Income tax in Switzerland
Swiss income tax rates are some of the lowest in Europe. Calculating tax is complex as there are many things taken into account, including age, nationality, marital status, spouse’s age and employment status, number of children and their age, and any affiliations to a church. For this reason, the easiest way to manage your wages if you are an SAP consultant is by using a payroll company, a method even used by some Swiss nationals. To ensure compliance and avoid the burden of risk that usually falls onto the director of the company, many Swiss companies often also prefer to use payroll companies to manage their contractors.
All foreign workers require a permit to be able to work in Switzerland. There are different permits depending on your country of origin, your skills and the immigration quotas.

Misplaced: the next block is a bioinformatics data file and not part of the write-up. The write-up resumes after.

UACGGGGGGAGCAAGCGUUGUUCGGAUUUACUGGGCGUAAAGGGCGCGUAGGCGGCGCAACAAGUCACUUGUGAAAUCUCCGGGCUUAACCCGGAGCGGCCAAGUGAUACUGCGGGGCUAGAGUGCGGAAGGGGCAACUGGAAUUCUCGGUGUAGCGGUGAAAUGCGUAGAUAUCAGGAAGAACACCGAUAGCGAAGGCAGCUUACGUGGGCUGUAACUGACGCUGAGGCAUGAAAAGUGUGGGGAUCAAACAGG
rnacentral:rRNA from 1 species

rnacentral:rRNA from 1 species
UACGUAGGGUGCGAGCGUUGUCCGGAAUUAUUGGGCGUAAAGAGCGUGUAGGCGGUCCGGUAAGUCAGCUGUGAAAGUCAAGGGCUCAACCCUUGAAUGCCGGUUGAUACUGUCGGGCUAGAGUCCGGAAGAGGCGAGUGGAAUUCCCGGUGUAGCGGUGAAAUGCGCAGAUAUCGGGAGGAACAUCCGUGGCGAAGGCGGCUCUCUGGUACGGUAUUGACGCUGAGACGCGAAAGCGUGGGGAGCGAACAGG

If you are a citizen of the European Economic Area (EU plus Iceland, Liechtenstein, Norway), you can be in Switzerland for up to three months to visit, to look for a job or to work, without a residence permit. Once you start working, you are required to register your employment. If you are an SAP consultant working for three months only, we still recommend you to apply for a residence permit as this will allow you to be prepared in case your contract gets extended after the three month period – applications can take time to process and you could end up working illegally if you don’t have a permit. Also, permits are not guaranteed even with a work contract regardless of your country of origin. There are lots of different permit categories; a good option for consultants commuting on a daily or weekly basis is the G permit, for cross-border commuters.